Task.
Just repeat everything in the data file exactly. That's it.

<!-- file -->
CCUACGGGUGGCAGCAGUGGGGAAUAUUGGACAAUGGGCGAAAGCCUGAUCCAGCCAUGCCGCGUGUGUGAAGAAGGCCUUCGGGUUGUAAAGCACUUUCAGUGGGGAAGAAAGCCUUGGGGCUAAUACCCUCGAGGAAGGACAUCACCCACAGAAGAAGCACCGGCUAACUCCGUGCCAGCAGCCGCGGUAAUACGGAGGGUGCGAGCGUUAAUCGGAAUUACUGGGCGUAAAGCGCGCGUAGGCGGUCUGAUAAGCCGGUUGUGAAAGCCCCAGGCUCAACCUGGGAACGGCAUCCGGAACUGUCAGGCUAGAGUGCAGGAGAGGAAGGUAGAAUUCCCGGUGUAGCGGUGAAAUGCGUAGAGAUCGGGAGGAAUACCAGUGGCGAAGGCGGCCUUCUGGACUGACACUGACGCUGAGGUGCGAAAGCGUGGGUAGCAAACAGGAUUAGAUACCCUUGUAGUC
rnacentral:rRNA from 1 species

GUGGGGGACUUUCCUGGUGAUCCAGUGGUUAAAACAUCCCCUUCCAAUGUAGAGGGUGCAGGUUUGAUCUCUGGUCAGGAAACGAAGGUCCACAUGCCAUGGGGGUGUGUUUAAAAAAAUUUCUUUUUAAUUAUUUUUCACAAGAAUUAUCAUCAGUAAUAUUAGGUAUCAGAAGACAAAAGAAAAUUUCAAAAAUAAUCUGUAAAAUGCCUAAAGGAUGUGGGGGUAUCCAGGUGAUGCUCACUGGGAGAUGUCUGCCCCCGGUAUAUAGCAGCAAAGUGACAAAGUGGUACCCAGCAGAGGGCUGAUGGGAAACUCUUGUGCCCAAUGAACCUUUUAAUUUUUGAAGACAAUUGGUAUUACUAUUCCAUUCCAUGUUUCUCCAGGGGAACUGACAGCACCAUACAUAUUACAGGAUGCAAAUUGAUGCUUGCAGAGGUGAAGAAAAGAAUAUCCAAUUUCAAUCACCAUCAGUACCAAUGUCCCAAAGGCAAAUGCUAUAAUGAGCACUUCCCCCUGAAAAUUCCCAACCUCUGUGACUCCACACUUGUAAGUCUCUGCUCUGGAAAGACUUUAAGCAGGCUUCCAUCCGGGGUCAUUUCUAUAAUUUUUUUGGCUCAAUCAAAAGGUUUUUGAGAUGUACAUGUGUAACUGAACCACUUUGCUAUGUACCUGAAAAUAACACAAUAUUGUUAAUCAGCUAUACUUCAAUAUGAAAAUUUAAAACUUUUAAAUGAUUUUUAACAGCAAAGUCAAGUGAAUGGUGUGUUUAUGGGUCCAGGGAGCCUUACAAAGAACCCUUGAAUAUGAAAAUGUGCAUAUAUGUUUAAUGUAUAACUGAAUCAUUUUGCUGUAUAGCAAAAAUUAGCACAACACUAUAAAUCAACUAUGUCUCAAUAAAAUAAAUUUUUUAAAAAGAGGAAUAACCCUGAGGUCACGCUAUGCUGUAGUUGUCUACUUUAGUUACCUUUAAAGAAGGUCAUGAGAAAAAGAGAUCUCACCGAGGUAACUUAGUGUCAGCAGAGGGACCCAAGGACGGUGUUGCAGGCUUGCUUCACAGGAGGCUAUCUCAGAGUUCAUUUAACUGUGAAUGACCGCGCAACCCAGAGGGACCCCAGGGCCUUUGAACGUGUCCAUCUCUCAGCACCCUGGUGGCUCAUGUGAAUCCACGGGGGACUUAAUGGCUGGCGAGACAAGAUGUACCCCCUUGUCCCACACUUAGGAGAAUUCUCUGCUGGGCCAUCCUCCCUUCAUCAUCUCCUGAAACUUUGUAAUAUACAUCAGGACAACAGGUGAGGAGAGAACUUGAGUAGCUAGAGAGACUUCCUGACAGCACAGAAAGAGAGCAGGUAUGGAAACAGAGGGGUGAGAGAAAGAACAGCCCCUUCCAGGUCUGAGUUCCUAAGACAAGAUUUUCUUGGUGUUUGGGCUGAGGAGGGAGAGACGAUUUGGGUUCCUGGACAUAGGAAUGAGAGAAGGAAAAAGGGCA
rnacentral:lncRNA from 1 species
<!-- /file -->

CCUACGGGUGGCAGCAGUGGGGAAUAUUGGACAAUGGGCGAAAGCCUGAUCCAGCCAUGCCGCGUGUGUGAAGAAGGCCUUCGGGUUGUAAAGCACUUUCAGUGGGGAAGAAAGCCUUGGGGCUAAUACCCUCGAGGAAGGACAUCACCCACAGAAGAAGCACCGGCUAACUCCGUGCCAGCAGCCGCGGUAAUACGGAGGGUGCGAGCGUUAAUCGGAAUUACUGGGCGUAAAGCGCGCGUAGGCGGUCUGAUAAGCCGGUUGUGAAAGCCCCAGGCUCAACCUGGGAACGGCAUCCGGAACUGUCAGGCUAGAGUGCAGGAGAGGAAGGUAGAAUUCCCGGUGUAGCGGUGAAAUGCGUAGAGAUCGGGAGGAAUACCAGUGGCGAAGGCGGCCUUCUGGACUGACACUGACGCUGAGGUGCGAAAGCGUGGGUAGCAAACAGGAUUAGAUACCCUUGUAGUC
rnacentral:rRNA from 1 species

GUGGGGGACUUUCCUGGUGAUCCAGUGGUUAAAACAUCCCCUUCCAAUGUAGAGGGUGCAGGUUUGAUCUCUGGUCAGGAAACGAAGGUCCACAUGCCAUGGGGGUGUGUUUAAAAAAAUUUCUUUUUAAUUAUUUUUCACAAGAAUUAUCAUCAGUAAUAUUAGGUAUCAGAAGACAAAAGAAAAUUUCAAAAAUAAUCUGUAAAAUGCCUAAAGGAUGUGGGGGUAUCCAGGUGAUGCUCACUGGGAGAUGUCUGCCCCCGGUAUAUAGCAGCAAAGUGACAAAGUGGUACCCAGCAGAGGGCUGAUGGGAAACUCUUGUGCCCAAUGAACCUUUUAAUUUUUGAAGACAAUUGGUAUUACUAUUCCAUUCCAUGUUUCUCCAGGGGAACUGACAGCACCAUACAUAUUACAGGAUGCAAAUUGAUGCUUGCAGAGGUGAAGAAAAGAAUAUCCAAUUUCAAUCACCAUCAGUACCAAUGUCCCAAAGGCAAAUGCUAUAAUGAGCACUUCCCCCUGAAAAUUCCCAACCUCUGUGACUCCACACUUGUAAGUCUCUGCUCUGGAAAGACUUUAAGCAGGCUUCCAUCCGGGGUCAUUUCUAUAAUUUUUUUGGCUCAAUCAAAAGGUUUUUGAGAUGUACAUGUGUAACUGAACCACUUUGCUAUGUACCUGAAAAUAACACAAUAUUGUUAAUCAGCUAUACUUCAAUAUGAAAAUUUAAAACUUUUAAAUGAUUUUUAACAGCAAAGUCAAGUGAAUGGUGUGUUUAUGGGUCCAGGGAGCCUUACAAAGAACCCUUGAAUAUGAAAAUGUGCAUAUAUGUUUAAUGUAUAACUGAAUCAUUUUGCUGUAUAGCAAAAAUUAGCACAACACUAUAAAUCAACUAUGUCUCAAUAAAAUAAAUUUUUUAAAAAGAGGAAUAACCCUGAGGUCACGCUAUGCUGUAGUUGUCUACUUUAGUUACCUUUAAAGAAGGUCAUGAGAAAAAGAGAUCUCACCGAGGUAACUUAGUGUCAGCAGAGGGACCCAAGGACGGUGUUGCAGGCUUGCUUCACAGGAGGCUAUCUCAGAGUUCAUUUAACUGUGAAUGACCGCGCAACCCAGAGGGACCCCAGGGCCUUUGAACGUGUCCAUCUCUCAGCACCCUGGUGGCUCAUGUGAAUCCACGGGGGACUUAAUGGCUGGCGAGACAAGAUGUACCCCCUUGUCCCACACUUAGGAGAAUUCUCUGCUGGGCCAUCCUCCCUUCAUCAUCUCCUGAAACUUUGUAAUAUACAUCAGGACAACAGGUGAGGAGAGAACUUGAGUAGCUAGAGAGACUUCCUGACAGCACAGAAAGAGAGCAGGUAUGGAAACAGAGGGGUGAGAGAAAGAACAGCCCCUUCCAGGUCUGAGUUCCUAAGACAAGAUUUUCUUGGUGUUUGGGCUGAGGAGGGAGAGACGAUUUGGGUUCCUGGACAUAGGAAUGAGAGAAGGAAAAAGGGCA
rnacentral:lncRNA from 1 species